Date of Award

May 2017

Degree Type


Degree Name

Doctor of Philosophy



First Advisor

Teresa Johnson

Committee Members

Sandeep Gopalakrishnan, Amanda Simanek, Ann Aschenbrenner, Sandra Founds


ABO Blood Type, Cardiovascular Disease, Preeclampsia, Preeclampsia Subtype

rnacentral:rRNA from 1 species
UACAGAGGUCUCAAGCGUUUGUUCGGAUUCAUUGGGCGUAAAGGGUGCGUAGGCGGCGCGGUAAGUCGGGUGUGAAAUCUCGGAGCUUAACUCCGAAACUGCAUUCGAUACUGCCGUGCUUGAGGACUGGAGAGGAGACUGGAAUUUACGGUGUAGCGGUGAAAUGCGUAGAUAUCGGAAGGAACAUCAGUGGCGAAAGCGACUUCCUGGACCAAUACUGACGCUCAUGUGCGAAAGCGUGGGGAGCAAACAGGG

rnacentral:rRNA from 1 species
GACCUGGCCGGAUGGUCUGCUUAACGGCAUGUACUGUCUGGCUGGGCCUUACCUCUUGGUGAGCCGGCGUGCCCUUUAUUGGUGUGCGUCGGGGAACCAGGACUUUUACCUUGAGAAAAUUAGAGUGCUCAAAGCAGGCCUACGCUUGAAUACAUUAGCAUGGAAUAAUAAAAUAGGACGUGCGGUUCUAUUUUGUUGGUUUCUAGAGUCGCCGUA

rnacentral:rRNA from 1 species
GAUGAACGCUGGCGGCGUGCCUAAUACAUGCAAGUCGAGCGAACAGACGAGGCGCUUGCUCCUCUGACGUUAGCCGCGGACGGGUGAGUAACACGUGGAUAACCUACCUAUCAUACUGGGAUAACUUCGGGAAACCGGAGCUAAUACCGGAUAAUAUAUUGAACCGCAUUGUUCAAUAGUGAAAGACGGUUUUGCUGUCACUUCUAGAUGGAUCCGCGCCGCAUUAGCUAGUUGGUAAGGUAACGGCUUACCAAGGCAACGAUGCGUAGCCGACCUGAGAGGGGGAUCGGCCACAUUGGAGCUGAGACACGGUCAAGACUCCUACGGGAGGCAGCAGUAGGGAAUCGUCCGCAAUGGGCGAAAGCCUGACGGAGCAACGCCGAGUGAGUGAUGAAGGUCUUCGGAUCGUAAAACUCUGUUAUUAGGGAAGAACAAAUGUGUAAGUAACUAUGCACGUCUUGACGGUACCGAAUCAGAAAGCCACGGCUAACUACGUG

Preeclampsia affects 3-8% of all pregnancies and is a global issue that significantly effects the short and long-term health of women and neonates. The pathophysiology of preeclampsia remains unclear and there seems to be two distinct subtypes, early and late onset. Each subtype may have a unique pathophysiology and set of risk factors. Preeclampsia is linked to long-term risk of cardiovascular disease in previously affected women. Subsequently, risk factors shared between preeclampsia and cardiovascular disease should be explored. The main aim of this study was to determine the strength of association between maternal ABO blood type and preeclampsia subtype. This hospital-based case control study was completed at one community hospital in the Mid Atlantic, United States. The study included 126 female subjects with early onset preeclampsia (≤ 33 6/7 weeks gestation), 126 female subjects with late onset preeclampsia (≥ 34 weeks gestation) and 259 control subjects with no history of preeclampsia. Strict diagnostic criteria were used and preeclamptic subjects were classified by subtype based on gestational age at diagnosis. Data on ABO blood type, as well other physical and socio-demographic variables were extracted from the electronic health record. No significant association was noted between preeclampsia subtype and non-O blood type (p=.456) and ABO blood phenotype trended towards significance (p=.062). After exclusion of subjects with comorbidities (CHTN, GDM and DM) from the sample (n=403), there was a significant association noted between ABO blood type and preeclampsia subtype (p=.001). A significant association was also noted between preeclamptic subjects with growth restriction and ABO blood type (p= <.001). Preeclamptic subjects with the B blood type had OR=3.44, 95% CI 1.58, 7.50 of having a growth-restricted fetus than did those with other blood types. Finally, when adjusting for race only, subjects with AB blood type had the following odds (OR=3.03, 95% CI 1.04, 8.80; OR=3.35, 95% CI 1.02, 11.03.) of developing pre-eclampsia and late onset preeclampsia respectively. When other clinical risk factors of preeclampsia are included in the model, AB blood type significantly predicts membership in the early onset preeclampsia subtype (OR=5.41, 95% CI, 1.19, 24.55) and was trend-level in the late onset group (p=.053). Preeclamptic women with B blood type had three times the odds of having a growth-restricted fetus, subsequently; they may require close ultrasound surveillance. AB blood type was significantly associated with three times increased odds of late onset preeclampsia. When included in a model with other common risk factors of preeclampsia, ABO blood type only accounted for a small amount of variability in the model. ABO blood type may not be a valuable addition to a preeclampsia-screening algorithm that already includes common clinical risk factors of preeclampsia. However, when controlling for other common clinical risk factors of preeclampsia, women with AB blood type had over 5 times the odds of developing early onset preeclampsia. Further research is necessary to examine if blood type regulates biomarkers that mediate the development of each preeclampsia subtype or in some way is associated with severe features of the disease.